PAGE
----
Erling Torvits a little known Danish Mid-Century furniture design.
Arne Jacobsen, Finn Juhl and Hans Wegner were the giants of Mid-Century Danish furniture design then came 10 or 12 other successful prolific designers whose designs are sought after today. However there were another 40 or 50 Danes who made successful livings as furniture designers and sometimes also as architects each with pieces that today are recognised as being well worth looking out for. If these 40 or 50 people had been born in any other country other than Denmark they would have been so much better known today. This blog puts the spotlight on one of these guys, Erling Torvits.
We can’t find much about him but he was born in 1925 and trained as a cabinet maker, graduating in 1944. Initially he worked in Copenhagen for A.J.Iversen before setting up his own small design studio in Herning in Jutland. His best known designs like so many Mid-Century designers are from the mid 1950’s to the mid 1960’s so from round the age of 30 to 40 he was at his most successful. Today he is best known perhaps for his nesting tables and coffee tables for Heltborg Mobler but he also designed some lovely sofas and chairs as well as some cabinet pieces.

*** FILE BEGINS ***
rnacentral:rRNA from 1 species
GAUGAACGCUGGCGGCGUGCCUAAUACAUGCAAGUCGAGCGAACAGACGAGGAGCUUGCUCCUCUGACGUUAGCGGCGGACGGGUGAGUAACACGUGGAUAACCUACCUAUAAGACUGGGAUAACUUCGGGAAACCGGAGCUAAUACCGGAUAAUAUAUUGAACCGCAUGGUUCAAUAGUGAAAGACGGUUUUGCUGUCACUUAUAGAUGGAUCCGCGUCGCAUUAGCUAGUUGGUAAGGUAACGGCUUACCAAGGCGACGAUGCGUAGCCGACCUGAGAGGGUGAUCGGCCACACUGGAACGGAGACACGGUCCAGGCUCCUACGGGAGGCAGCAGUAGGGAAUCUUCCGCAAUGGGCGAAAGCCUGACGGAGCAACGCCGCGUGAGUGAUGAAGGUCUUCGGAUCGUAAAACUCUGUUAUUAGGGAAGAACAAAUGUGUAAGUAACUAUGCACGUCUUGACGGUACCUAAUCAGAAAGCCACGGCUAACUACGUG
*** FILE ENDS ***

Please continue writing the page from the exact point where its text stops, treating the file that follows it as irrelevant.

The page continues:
We’ve had a number of Heltborg Mobler pieces in the past and it seems they specialised in making occasional tables as it’s their nesting sets of 3 tables that we usually find. Sure enough the set of Heltborg tables we recently sourced were one of Erling Torvits best known designs, a model that looks as if it’s legs are just about to stride off and move around the room!
They are shown in the Danish Design Museum furniture index as being designed in 1958. This particular set has strong makers marks and looks to date from around 1958 to maybe 1962 perhaps.
Erling Torvits is known to have designed for the small Danish maker Knud Nielsen and coincidentally we recently bought a sideboard by that maker so it may also be an Erling Torvits design. Many Danish pieces are still to be attributed to specific designers and even makers. One of his sofa and chair designs is made today in Denmark and is known as the “Sushi”. Like many great Danish Mid-Century designs it’s been recently re-issued presumably under licence. These re-issued pieces can be extremely expensive and it is usually upholstery that is the easiest to reproduce, usually using different more readily available timbers than the originals. You certainly don’t find teak being used today as it was in the 1950’s and 1960’s, light oak and cherry being more easily produced.